The news is on.

I grew up watching the news. In my house The Today Show was on every morning, and local news stations were on every night. With the exception of the time my mom literally threw me into the bathroom because she realized Budd Dwyer was about to shoot himself on live television, my parents never censored the news. I remember watching the MOVE bombing, the famine in Ethiopia, the Challenger explosion and the Gulf War. If I had questions, I asked questions, and my parents answered with age-appropriate honesty.

I remember a news story about a child abuse case in New York, one of the first sensationalized news stories in my memory- I was nine years old at the time, the same age as my son. Six-year-old Lisa Steinberg died at the hands of her wealthy, drug-addicted parents. I remember being horrified to learn that teachers, neighbors and family friends all suspected that the child was being abused,  but nobody called police or child protection. Eventually, the child was found dead in a filthy, blood-stained New York apartment.

As the news of her death trickled through the neighborhood, mourners showed up, piling flowers, candles and stuffed animals at the front stoop of Lisa's home. I remember seeing the teddy bears and feeling something well up inside. And by "something" I mean an epic meltdown.

"Mom," I asked. "Why are they bringing her bears? She's not sick, right? She died, right?" I felt my voice rising, and I started pacing the living room. I remember standing on one side of the dining room table, my mom on the other side undoubtedly having a moment of regret on her news watching policies while I shrieked at her.

"WHY ARE THEY BRINGING HER BEARS NOW? WHY DIDN'T SOMEONE HELP HER?"  Oh my God, my poor mom. Her weird, sensitive daughter was hysterical, and asking questions that there are just no answers for.

I woke up this morning and put on Sunday Today, watching with my nine-year-old son as the story of two mass shootings, mere hours apart, unfolded. It was on because despite PJ's Autism diagnosis, and his delayed language skills, we watch the news in my house. When PJ has questions, we answer them with age-appropriate honesty. He may not understand the social nuance of what happened- gun control, mental health issues, racism and domestic terrorism. But sometimes during his school day, he practises what to do if someone has a gun. He's aware that bad things happen.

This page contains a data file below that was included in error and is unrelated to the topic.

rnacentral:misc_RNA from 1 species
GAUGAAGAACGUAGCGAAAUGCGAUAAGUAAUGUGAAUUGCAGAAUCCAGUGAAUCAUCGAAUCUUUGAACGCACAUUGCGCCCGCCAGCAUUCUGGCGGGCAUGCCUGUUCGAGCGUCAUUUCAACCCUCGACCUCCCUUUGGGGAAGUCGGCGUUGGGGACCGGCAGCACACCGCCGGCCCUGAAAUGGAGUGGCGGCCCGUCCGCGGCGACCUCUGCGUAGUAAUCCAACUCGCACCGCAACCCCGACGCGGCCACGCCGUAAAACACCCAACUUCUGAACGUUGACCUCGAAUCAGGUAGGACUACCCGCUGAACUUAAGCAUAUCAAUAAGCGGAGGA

He watched quietly while he played with his trains and ate breakfast. Images of people running from the scene flashed across the TV.

"They are running. Is it...funny?" He often asks if something is funny, PJ-speak for trying to tease out the emotion of what he's seeing, which can be tremendously difficult for him.

"Well, this time it's sad, Bud. They were scared and trying to make sure their bodies were safe, " I tell him. Later on, he plopped down next to me on the couch.

"Twenty people died," he said. "But, that's okay! They will be better soon!" But they won't, and I tried as best as I could to explain to my nine-year-old that twenty people would not be better.

"When you die, Buddy, that's the end of your body. You can't get better." I was my mom over 30 years ago, trying to answer a question that has no answer.

I think about nine-year-old me and nine-year-old PJ and there are things that will always be the same. Terrible things happen, sometimes as often as the great things. I never thought to ask my mom if she resented having to explain the trials of the world to me, but as I drank my coffee this morning, I felt resentment. I resent that I have to continue to have these discussions about gun violence, even though I am unwilling to shield PJ from the news altogether. Clear laws about mandated reporters will help to make sure that teachers and others in positions of caregiving (police, social workers, nurses, etc) can not turn a blind eye to instances of abuse, ensuring that children like Lisa Steinberg are helped before there is a tragedy. The Challenger Disaster  has been studied, not only by scientists and engineers on the physical breakdown of the shuttle, but as an ethics case as well. My mom could tell nine-year-old me that while awful things happen, people learn from their mistakes. On a morning where I wake up to two mass shootings, with a string of similar morning news reports in the days and months before, I don't know if I can tell nine-year-old PJ the same.

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